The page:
1 A Trip to the DMV | The Billfold

A Trip to the DMV

Mike: Logan, when is the last time you visited the DMV?

Logan: Ha, umm. Hmm. Let me consider this. I think it was in Virginia when I changed the title on my car, when I had a car, three years ago? I don’t remember. I tend to block out unpleasant experiences. And you?

Mike: A few days ago! So, the thing is I know everyone says that going to the DMV is an unpleasant experience, and I’ve been a few times and it was never that bad, but the experience I had a few days ago was bad. Superbad. Superbad: The Sequel. I had to renew my license because I’ll be driving around the holidays, and I also had to have a vision test. I filled out the forms in advance and mentally prepared myself for two hours of waiting, which I estimated based on reading tons of Yelp reviews of the DMV I went to. It ended up being four hours.

Logan: Oh dear. Merry Christmas!

Mike: I was given a ticket with a letter and some numbers on it, and told to watch a screen for my number to come up. On Yelp, people suggested bringing reading material because the wait can take a long time, but you also don’t want to miss your number, so you’re constantly checking the screen, which makes reading anything difficult. My number popped up after an hour, and it took maybe five minutes to take the vision test and for the DMV agent to look over my paperwork. Then I was told to sit down and wait again for my number to pop up so that I could pay and have someone issue me a temporary license.

After about two hours, I noticed something strange was happening, which was that sometimes a number would pop up on the screen, but it didn’t match the number at the corresponding counter you were supposed to go to. I asked someone at the DMV why that was and she told me, “Sometimes the number on the screen is wrong, and you’re supposed to double check at the counter just in case.” Which—how was I or anyone else supposed to know that!? So I got up to tell the ticketing person what happened, and she issued me a new ticket, and said, “Sorry, you’ll be next.” I wasn’t next. I was called up an hour later. I then ran out of there as fast as I could when I was finished. My right eye was twitching by the end of it.

Logan: This. Sounds. Terrible. Was there any point when you considered taking your own life? Or, um, leaving?

Mike: I thought about it for a second, but realized that if I left, I would have to come back and the nightmare would start all over again. So: It was now or never legally drive again. I’ve never had an “Oh my god, the DMV is hell on earth” story, but I guess this will be my story—the terrible lighting, the holiday music on loop, the public service announcements and the weird “trivia game” that would pop up on the screen next to the numbers being displayed.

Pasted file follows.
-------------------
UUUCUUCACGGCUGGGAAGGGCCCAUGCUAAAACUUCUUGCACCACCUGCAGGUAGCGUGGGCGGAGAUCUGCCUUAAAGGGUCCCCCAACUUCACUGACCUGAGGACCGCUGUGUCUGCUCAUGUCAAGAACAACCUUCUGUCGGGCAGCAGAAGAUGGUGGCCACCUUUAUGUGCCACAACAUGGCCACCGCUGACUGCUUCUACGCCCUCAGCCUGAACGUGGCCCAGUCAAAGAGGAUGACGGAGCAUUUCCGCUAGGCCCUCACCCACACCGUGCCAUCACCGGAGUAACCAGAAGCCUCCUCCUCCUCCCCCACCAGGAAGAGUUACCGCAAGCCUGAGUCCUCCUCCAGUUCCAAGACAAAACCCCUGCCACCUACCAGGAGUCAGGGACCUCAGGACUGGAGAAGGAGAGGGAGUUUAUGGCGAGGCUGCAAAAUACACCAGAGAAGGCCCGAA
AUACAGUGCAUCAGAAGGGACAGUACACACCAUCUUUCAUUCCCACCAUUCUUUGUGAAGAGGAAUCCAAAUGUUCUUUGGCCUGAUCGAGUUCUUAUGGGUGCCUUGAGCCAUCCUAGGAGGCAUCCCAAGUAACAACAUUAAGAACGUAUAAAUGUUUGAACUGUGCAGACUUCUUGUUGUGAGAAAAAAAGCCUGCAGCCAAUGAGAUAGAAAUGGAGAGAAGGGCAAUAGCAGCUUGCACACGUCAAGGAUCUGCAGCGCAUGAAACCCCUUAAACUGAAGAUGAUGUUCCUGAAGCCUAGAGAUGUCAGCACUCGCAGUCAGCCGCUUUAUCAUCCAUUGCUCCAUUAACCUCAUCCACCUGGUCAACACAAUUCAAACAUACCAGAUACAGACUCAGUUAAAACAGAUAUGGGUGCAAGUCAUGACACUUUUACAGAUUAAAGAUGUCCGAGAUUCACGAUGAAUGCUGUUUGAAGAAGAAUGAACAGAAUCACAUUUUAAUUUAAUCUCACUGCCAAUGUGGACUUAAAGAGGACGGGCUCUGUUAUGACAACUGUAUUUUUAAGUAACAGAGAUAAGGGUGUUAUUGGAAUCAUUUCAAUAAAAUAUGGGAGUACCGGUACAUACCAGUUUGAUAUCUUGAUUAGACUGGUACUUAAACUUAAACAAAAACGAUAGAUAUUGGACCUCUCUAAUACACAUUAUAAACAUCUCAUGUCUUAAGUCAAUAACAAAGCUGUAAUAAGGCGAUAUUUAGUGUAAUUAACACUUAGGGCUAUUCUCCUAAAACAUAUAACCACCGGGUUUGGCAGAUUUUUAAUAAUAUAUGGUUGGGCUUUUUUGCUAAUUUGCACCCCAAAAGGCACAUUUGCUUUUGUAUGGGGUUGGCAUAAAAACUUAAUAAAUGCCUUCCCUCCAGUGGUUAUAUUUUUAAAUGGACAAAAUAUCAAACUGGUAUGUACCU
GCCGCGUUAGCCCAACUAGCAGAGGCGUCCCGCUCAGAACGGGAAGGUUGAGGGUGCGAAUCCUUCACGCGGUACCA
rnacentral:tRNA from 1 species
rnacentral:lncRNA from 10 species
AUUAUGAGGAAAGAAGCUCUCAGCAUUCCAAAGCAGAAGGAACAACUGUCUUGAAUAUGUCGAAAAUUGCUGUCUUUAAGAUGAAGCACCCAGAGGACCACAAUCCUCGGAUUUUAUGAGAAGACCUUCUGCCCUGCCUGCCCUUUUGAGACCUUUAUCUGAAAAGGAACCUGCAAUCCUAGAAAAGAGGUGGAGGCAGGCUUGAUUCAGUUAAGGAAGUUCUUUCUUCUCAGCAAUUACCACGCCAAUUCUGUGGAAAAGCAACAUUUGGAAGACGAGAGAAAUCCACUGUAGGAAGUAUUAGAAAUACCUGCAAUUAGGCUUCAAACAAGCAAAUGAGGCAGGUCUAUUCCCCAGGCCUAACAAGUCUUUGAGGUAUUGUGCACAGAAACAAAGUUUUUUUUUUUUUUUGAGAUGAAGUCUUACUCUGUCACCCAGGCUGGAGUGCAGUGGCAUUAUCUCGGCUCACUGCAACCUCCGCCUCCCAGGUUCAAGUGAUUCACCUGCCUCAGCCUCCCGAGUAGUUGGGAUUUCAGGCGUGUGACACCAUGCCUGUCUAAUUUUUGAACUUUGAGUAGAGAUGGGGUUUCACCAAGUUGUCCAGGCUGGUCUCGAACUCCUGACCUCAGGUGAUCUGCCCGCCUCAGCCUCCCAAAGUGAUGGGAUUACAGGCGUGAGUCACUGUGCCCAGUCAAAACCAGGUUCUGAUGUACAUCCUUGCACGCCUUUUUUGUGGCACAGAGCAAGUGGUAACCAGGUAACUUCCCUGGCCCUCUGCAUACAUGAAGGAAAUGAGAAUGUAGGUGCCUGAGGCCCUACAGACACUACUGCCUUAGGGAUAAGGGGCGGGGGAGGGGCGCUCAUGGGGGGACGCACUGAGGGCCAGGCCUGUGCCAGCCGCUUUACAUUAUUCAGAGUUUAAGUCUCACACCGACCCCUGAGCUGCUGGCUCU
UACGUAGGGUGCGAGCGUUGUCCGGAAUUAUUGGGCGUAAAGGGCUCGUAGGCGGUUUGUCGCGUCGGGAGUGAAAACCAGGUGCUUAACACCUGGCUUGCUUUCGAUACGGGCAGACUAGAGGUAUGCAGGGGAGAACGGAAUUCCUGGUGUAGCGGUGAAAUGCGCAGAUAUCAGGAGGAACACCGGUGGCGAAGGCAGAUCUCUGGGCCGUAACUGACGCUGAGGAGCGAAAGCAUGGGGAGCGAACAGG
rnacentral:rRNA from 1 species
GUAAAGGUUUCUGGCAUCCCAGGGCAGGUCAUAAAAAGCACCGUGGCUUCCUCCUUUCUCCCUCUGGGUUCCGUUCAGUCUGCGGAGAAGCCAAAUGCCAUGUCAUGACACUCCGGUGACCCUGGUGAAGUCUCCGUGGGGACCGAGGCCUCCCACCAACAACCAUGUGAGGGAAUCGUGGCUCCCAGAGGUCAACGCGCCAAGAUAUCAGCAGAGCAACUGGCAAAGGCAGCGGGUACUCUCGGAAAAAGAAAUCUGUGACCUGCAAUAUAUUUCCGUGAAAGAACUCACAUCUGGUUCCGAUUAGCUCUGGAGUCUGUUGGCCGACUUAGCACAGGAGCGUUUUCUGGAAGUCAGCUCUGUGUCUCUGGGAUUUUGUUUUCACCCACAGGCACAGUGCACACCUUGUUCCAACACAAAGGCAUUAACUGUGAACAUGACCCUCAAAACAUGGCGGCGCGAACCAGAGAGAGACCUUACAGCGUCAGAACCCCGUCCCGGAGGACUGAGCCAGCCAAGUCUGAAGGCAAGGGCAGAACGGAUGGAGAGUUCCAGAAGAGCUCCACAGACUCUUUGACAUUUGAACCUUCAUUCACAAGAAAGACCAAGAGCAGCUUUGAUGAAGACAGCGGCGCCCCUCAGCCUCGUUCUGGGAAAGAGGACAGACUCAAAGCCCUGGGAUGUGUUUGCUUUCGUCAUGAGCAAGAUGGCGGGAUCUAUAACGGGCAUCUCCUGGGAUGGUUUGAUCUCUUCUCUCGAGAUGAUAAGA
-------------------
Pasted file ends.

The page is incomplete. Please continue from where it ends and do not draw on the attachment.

Logan: I mainly don’t like going to the DMV because I’m afraid they’ll make me take the driver’s ed written test again and I’ll fail, like I did when I took it the first time when I was 16. I can still remember that. Shivers. So what’s the moral here. Bureacracy is terrible? Maybe the DMV is a secret scheme to get us all to give up our licenses and make the country go green? But also, I can’t believe you worked after that. I definitely would have not worked after that. I would have called in. I would have sent an email saying, DMV terror, dying, going to bed, no me today. How did you do it!?

Mike: I guess I’m good at compartmentalization? I complained about it for a good half hour to anyone who would listen to me, and then was like, “Ok! Putting it behind me. Hopefully I won’t have to visit that place for a long time.” I feel like the DMV would have stressed you out even more if you went when I did because one of the public service announcements that kept popping up was, “Have you done your taxes? Have you paid your taxes? If you haven’t paid your taxes: DO NOT IGNORE IT. There are places you can go to seek help!” And then a list of places. Servicey.

Also, the trivia questions: “Which actress…” And even before I finished reading the question, I was like, “Jennifer Aniston” because the answer is always “Jennifer Aniston” and, sure enough, the answer was “Jennifer Aniston.” Also, a fun fact I learned at the DMV: Before erasers existed, we used to use white bread to erase pencil markings.

Logan: OMG you’re right the answer always IS Jennifer Aniston!!!!!! Why is that??!?! Also white bread is just another way to say Jennifer Aniston. And yes, that tax shit would have made me walk out the door. Maybe next time you could like, take a train to a pretty suburb and go to their DMV there. I bet it would be a totally different experience.